Alas! no acorn from the British oak
'Neath which slim fairies tripping wrought those rings
Of greenest emerald, wherewith fireside life
Did with the invisible spirit of Nature wed,
Was ever planted here! No darnel fancy
Might choke one useful blade in Puritan fields;
With horn and hoof the good old devil came,
The witch's broomstick was not contraband,
But all that superstition had of fair,
Or piety of native sweet, was doomed.
And if there be who nurse unholy faiths,
Fearing their god as if he were a wolf
That snuffed round every home and was not seen,
There should be some to watch and keep alive
All beautiful beliefs...
James Russell Lowell
Yesterday being Midsummer's Eve and the Swedish Midsommar festival being canceled because of the virus, my sister and I decided to have our own little celebration! I was toying with different ideas, but after reading The Maypole of Merrymount (for the second time - I love Hawthorne's beautiful stories so much!😊), I knew just what we would do!
"Never had the Maypole been so gayly decked as at sunset on midsummer eve. This venerated emblem was a pine-tree, which had preserved the slender grace of youth, while it equalled the loftiest height of the old wood monarchs. From its top streamed a silken banner, colored like the rainbow. Down nearly to the ground the pole was dressed with birchen boughs, and others of the liveliest green, and some with silvery leaves, fastened by ribbons that fluttered in fantastic knots of twenty different colors, but no sad ones. Garden flowers, and blossoms of the wilderness, laughed gladly forth amid the verdure, so fresh and dewy that they must have grown by magic on that happy pine-tree. Where this green and flowery splendor terminated, the shaft of the Maypole was stained with the seven brilliant hues of the banner at its top. On the lowest green bough hung an abundant wreath of roses, some that had been gathered in the sunniest spots of the forest, and others, of still richer blush, which the colonists had reared from English seed. O, people of the Golden Age, the chief of your husbandry was to raise flowers!"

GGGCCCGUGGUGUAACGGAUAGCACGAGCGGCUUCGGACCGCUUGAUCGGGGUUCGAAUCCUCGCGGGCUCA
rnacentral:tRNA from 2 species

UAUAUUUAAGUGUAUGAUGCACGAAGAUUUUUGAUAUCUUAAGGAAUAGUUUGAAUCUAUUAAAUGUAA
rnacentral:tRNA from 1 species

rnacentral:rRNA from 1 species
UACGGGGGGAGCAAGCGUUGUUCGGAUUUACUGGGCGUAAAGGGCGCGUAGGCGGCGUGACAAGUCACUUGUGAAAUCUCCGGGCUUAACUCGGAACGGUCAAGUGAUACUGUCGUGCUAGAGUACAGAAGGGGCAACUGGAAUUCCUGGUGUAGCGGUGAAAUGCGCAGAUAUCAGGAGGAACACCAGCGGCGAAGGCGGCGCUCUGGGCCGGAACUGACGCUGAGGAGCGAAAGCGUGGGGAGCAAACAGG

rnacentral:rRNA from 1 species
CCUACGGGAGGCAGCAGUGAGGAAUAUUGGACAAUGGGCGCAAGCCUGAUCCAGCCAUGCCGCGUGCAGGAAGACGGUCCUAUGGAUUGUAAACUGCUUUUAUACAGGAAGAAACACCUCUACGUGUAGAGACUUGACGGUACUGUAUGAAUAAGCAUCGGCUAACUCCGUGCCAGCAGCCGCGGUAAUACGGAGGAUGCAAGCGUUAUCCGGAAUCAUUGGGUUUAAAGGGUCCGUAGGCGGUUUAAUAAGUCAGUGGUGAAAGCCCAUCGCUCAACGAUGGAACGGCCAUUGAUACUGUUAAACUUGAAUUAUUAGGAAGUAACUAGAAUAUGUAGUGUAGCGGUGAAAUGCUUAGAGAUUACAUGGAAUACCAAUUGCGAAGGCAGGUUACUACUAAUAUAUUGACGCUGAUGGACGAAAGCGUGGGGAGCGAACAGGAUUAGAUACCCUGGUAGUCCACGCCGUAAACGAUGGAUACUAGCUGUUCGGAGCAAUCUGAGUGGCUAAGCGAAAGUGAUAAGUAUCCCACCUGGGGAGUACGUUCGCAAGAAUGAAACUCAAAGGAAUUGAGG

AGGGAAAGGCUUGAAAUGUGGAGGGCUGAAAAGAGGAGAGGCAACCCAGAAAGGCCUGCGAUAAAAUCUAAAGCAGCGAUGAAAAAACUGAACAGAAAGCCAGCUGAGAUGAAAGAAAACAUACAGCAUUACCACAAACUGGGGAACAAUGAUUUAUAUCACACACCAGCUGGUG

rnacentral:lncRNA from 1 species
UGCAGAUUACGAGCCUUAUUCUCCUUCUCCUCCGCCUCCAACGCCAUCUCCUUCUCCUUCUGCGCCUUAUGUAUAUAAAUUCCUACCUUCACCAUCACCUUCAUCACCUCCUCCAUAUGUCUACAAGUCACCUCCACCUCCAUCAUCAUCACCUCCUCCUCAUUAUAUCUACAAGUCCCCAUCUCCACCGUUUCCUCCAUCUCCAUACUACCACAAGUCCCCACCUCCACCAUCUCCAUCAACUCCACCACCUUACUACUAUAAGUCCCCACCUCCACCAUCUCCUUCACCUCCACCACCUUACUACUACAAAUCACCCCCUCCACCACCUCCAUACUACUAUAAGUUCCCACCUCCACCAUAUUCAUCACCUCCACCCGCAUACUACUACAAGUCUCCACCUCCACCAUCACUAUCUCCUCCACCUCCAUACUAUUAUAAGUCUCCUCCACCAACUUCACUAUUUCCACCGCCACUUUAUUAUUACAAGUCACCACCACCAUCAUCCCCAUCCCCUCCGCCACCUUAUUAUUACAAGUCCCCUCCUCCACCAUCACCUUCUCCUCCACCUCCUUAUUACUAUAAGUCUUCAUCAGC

Ours is very modest by comparison, but we had a lot of fun! We waited until evening because the high-temperature yesterday was 98F! We had just finished as the sun went down...
The first rose of summer...